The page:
Fylde’s Tory MP has sensationally called for fracking to be halted.
The move came as councillors in Lancashire today met to decide the fate of controversial plans for two shale gas sites in rural Fylde.
In a move at odds with Tory party policy, Mark Menzies – the Conservative MP for Fylde – voted to back a moratorium of 30 months which would have effectively put a block on gas firm Cuadrilla’s two proposed sites at Roseacre and Little Plumpton going ahead.
The moratorium vote was defeated in Parliament, but Mr Menzies says big questions remain over the regulation of the controversial industry.
Mr Menzies told The Gazette: “This is the first time we have had a vote in Parliament on anything substantial to do with fracking.
“I thought it was appropriate to vote for the moratorium after careful consideration.
“The key reason I supported it is there is a whole range of ongoing issues – the announcement last week that the British Geological Survey will carry out monitoring. I want to see more details.
“The Environment Agency announced it was committed to carrying out spot checks. I want to know more details.
“The Chancellor has also been talking about a ‘sovereign wealth fund for the north.’ I want to see more details.
“The sensible thing is to stop and take a look at all of these things.
“We should not try and thrash it all out, these things should be looked at and sorted out beforehand.”
The cross-party Environmental Audit Commission demanded a moratorium on fracking – the process of extracting gas through deep drilling and blasting water and chemicals into shale rock – because they say it would hurt the UK’s climate change targets and could pose significant environmental risks.
However, the move made as an amendment to the Government’s Infrastructure Bill, did not attract Labour party support and was heavily defeated by 308 votes to 52.
Mr Menzies, who joined Fleetwood MP Eric Ollerenshaw in voting for the moratorium, said one of the major reasons for supporting the move was concerns over regulation.
The backing of the moratorium bid could be seen as something of a sea change for Mr Menzies who has been
accused by anti-fracking groups of being too supportive of the Government’s so-called “Dash For Gas”.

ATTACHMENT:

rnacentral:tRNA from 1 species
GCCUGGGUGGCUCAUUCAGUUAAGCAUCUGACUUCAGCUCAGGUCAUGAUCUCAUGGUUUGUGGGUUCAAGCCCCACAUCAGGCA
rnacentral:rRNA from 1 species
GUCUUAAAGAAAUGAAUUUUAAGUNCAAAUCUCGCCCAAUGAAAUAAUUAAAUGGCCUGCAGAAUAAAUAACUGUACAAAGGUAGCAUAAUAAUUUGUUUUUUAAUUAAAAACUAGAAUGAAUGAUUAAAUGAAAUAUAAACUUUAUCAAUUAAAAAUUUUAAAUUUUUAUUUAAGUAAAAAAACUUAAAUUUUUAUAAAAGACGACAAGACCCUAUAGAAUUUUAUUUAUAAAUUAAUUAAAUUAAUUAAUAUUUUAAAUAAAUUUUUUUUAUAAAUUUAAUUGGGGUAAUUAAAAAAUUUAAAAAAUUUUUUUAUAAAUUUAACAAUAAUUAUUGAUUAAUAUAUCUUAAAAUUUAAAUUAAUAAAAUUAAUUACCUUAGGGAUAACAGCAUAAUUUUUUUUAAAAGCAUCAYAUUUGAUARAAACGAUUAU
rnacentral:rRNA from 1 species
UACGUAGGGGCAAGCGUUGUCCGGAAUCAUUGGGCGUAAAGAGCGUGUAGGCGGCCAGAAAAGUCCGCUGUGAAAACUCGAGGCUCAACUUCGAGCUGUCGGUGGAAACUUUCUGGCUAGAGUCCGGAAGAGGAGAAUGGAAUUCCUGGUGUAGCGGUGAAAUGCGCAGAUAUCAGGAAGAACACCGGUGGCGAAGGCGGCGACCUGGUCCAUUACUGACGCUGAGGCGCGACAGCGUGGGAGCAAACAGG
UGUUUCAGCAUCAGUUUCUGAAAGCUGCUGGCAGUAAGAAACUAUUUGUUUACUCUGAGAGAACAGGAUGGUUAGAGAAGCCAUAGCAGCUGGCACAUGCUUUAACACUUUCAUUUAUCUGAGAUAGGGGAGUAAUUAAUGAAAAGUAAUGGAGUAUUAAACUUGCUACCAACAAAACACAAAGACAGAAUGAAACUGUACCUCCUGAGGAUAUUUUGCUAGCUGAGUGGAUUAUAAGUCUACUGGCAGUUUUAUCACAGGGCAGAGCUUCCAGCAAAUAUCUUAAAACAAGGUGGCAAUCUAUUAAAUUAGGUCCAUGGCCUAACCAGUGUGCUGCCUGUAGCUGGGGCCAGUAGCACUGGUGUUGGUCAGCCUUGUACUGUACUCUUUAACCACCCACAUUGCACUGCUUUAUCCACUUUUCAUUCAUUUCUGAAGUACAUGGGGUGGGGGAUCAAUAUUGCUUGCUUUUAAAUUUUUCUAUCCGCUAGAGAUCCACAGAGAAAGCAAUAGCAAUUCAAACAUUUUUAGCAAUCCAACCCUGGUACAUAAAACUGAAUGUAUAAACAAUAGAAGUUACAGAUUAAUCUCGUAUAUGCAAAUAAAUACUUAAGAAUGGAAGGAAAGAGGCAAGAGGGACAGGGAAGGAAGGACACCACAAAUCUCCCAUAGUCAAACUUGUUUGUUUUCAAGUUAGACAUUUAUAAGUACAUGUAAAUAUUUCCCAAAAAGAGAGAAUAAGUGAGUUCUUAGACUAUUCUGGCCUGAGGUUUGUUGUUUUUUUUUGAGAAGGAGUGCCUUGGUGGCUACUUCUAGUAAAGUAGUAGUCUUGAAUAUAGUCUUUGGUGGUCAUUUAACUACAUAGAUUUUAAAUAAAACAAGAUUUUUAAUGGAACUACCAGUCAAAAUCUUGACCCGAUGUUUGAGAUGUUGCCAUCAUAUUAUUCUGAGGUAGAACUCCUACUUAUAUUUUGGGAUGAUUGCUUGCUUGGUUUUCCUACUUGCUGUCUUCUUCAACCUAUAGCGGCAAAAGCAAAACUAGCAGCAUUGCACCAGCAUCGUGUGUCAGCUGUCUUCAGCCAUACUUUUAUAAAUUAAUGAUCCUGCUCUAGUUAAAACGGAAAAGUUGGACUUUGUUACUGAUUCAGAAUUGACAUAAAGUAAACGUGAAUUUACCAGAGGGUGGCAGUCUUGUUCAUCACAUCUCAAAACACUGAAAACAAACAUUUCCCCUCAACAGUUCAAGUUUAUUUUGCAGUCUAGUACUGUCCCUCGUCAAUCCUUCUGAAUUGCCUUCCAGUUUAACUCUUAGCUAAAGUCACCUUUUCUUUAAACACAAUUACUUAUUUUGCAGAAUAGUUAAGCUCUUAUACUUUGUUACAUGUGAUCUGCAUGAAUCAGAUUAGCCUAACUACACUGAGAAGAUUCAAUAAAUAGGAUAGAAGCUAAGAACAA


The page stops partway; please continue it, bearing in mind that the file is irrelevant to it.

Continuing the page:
Last February, in response to claims the Fylde coast could miss out on a fracking cash bonanza, he said: “If there’s a chance for Blackpool and the Fylde coast we should be looking at doing this. Other countries would love to get their hands on this. We once again risk something that was a great prize slipping through our fingers.”
But today Mr Menzies said the protective framework had to be right before he considered supporting fracking.
He added: “I raised four years ago, when I held an adjournment debate on fracking in Parliament, that I would like to see an independent panel of experts look at how the whole industry operates; the regulations from the Environment Agency and various other bodies from the start to the finish of the process (so they) are fit for purpose.
“The Government is moving towards that direction but I want to see more commitment and more policing in place.”
Critics say regulation is
nowhere near robust enough for the new UK industry.
Asked whether he still backed fracking as an industry, Mr Menzies added: “Even now it’s too early a stage to say.
“The key thing is to look at the cumulative impact, not just one potential site but three or four sites on an area. There’s still more work to be done.
“It’s really important we look at this objectively and take our time. There is no need to rush this decision.
“I want to see all of the questions answered before we go any further.”